One-Minute Answers by Stephen R. Gibson

Contents of One-Minute Answers

Is God Adam?

Question: Didn't Brigham Young teach that Adam is God?

From a number of sermon reports, diary entries, minutes, letters, artides and statements, it appears that Brigham Young held the view, at least for part of his life, that as God the Son came to earth and went through mortality to redeem mankind, God the Father also went through mortality to become the great progenitor of mankind.

It also appears that Brigham Young taught more than once that God the Father was known in this role as Adam, who came to this earth and brought one of his wives, Eve, with him. Simply stated, he once believed that God the Father became Adam to begin the human family; God the Son became Jesus Christ to redeem the human family.

President Young's first and strongest statement of this idea is found in an April 9, 1852 sermon (Journal of Discourses 1:50). In his subsequent comments on the subject, he emphasized that it is "considerable of a mystery," "that should not trouble us at all," and was not "necessary for the people to know" (see D 4:217; 7:238, 285; 11:43, 268).

Brigham Young's discussions of this subject were rare in comparison to his sermons espousing the traditional concept of God's role. His above theories were probably unknown to most Saints living at that time, as they are to most Latter-day Saints living today.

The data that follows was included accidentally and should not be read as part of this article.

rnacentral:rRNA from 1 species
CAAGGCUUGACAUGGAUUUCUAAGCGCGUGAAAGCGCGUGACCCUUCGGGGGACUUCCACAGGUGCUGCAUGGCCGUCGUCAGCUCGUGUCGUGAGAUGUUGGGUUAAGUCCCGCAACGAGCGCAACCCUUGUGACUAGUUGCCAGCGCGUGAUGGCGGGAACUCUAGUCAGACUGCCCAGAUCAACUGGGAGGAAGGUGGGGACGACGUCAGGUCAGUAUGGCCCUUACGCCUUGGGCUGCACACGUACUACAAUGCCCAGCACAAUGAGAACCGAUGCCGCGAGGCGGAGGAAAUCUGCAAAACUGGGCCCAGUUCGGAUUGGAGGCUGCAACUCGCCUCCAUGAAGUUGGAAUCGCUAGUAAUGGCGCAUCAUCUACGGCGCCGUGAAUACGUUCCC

The greatest interest in this theory came after his death. Most Church authorities contemporary with President Young had little or nothing to say on the subject. The two best-known exceptions were Heber C. Kimball, who mentioned it in several sermons, and Apostle Orson Pratt, who openly voiced his rejection of the concept. Following President Young's death, with the exception of several obscure statements, no Church authority has advocated the idea.

During the last decade of the 19th Century, interest in the subject elicited response from such authorities as Wilford Woodruff, George Q. Cannon and Joseph F. Smith. These men acknowledged that they were personally familiar with President Young's theory but discouraged teaching and speculating upon the subject. The status of the "Adam-God theory" was summed up in 1897 in a private letter outlined by President Wilford Woodruff and written by Apostle Joseph F. Smith:

President Young no doubt expressed his personal opinion or views upon the subject. What he said was not given as revelation or commandment from the Lord. The doctrine was never submitted to the councils of the Priesthood nor to the Church for approval or ratification, and was never formally or otherwise accepted by the Church. It is therefore in no sense binding upon the Church.

Brigham Young's "bare mention" was without indubitable evidence and authority being given of its truth. Only the scripture, the accepted word of God," is the Church's standard (Letter to A. Saxey, January 7, 1897, LDS Archives).

During the first quarter of this century, there arose a new generation of Church authorities who had not participated with Brigham Young in the councils of the Church and were therefore not personally familiar with his views. Among these, such men as B. H. Roberts, Charles W. Penrose and Anthon H. Lund began advocating the idea that Brigham Young had been misinterpreted. This has been the position taken by most leaders in this century. However, from the fruits of his research, in the 1980s Elder Bruce R. McConkie acknowledged the existence of Brigham Young's views on Adam, although he did not accept them.

Modern-day prophets have declared that the Adam-God theory is false. In 1976 President Spencer W. Kimball stated the following: